Irish authorities misjudged banking risks, leading economist tells inquiry
Ireland misjudged risky behaviour by banks and international institutions before the collapse of its financial system, an expert has told an inquiry.
The government guaranteed the nation's ailing banks in 2008 in the belief that they were stable - a decision which eventually led to a €64bn (£51bn) rescue of the financial system and an international bailout of the state.
It followed a massive property price bubble enabled by banks borrowing from international money markets then lending to investors who swelled public coffers through housing taxes.
That produced higher wages and costs, former IMF economist and Finnish government banking official Peter Nyberg told a parliamentary investigation, until overstretched banks were nationalised to prevent them running out of money and the international community intervened with emergency loans.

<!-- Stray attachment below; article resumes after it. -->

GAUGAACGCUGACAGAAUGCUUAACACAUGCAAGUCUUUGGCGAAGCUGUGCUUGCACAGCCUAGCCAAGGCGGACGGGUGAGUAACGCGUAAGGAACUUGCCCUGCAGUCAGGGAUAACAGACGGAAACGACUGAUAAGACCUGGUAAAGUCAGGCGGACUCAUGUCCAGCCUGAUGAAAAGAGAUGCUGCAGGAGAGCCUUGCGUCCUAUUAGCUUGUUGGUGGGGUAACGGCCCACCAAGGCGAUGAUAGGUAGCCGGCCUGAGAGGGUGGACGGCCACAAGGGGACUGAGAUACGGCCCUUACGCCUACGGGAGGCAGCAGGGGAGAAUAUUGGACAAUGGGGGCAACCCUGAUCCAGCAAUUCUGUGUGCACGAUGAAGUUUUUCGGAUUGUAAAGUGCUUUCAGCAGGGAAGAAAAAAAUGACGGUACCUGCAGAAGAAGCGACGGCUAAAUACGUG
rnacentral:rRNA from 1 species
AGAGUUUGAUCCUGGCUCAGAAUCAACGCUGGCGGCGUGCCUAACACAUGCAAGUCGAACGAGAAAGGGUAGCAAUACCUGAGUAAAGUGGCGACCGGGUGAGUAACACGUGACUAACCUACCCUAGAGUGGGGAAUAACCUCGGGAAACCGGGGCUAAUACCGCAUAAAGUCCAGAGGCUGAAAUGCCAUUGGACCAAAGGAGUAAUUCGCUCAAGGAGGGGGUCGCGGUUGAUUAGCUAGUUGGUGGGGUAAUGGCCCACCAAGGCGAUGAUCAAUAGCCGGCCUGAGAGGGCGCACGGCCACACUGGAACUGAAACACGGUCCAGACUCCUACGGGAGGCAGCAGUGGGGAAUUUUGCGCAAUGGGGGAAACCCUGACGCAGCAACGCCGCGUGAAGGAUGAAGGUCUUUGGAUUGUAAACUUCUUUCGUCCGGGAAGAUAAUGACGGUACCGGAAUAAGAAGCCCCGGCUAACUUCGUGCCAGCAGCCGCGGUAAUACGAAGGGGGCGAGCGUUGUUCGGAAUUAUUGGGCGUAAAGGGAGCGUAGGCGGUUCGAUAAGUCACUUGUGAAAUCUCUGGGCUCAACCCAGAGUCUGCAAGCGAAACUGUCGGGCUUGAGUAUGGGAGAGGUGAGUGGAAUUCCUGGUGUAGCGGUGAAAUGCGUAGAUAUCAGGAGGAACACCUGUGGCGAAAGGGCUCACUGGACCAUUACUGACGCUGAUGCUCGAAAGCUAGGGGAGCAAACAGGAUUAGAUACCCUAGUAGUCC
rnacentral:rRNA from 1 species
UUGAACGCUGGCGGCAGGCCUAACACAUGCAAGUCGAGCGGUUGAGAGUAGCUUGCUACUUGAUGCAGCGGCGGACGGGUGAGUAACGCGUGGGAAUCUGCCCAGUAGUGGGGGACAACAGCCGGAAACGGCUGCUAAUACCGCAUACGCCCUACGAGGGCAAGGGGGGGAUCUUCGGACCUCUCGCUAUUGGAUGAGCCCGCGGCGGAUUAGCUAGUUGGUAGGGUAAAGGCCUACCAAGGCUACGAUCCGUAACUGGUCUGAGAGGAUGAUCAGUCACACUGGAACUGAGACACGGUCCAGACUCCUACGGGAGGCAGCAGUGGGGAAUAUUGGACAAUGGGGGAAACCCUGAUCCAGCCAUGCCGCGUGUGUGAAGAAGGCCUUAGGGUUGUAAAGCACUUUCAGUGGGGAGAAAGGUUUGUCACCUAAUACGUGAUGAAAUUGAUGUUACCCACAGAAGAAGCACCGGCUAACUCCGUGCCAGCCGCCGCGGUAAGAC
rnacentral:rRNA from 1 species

He added: "Judging by the consequences, which were larger in Ireland than anywhere else, the Irish institutions were pretty good at misjudging risk internationally."
A parliamentary committee in Dublin is looking at banking, regulation and crisis management by Irish authorities, before publishing a final report in November.
Mr Nyberg was questioned by a group of 11 legislators on his 2011 government-commissioned report into the crisis.
The Joint Committee of Inquiry into the banking crisis is expected to hear from major international institutions.
Joint Committee chairman Ciaran Lynch said: "It is an opportunity to shine a light on a dark and painful recent time in our past, an opportunity to piece together the events of that time, an opportunity to learn from the mistakes that were made and an opportunity to ensure that those mistakes are not repeated."
The rescue package from the EU and IMF came with a range of austerity conditions.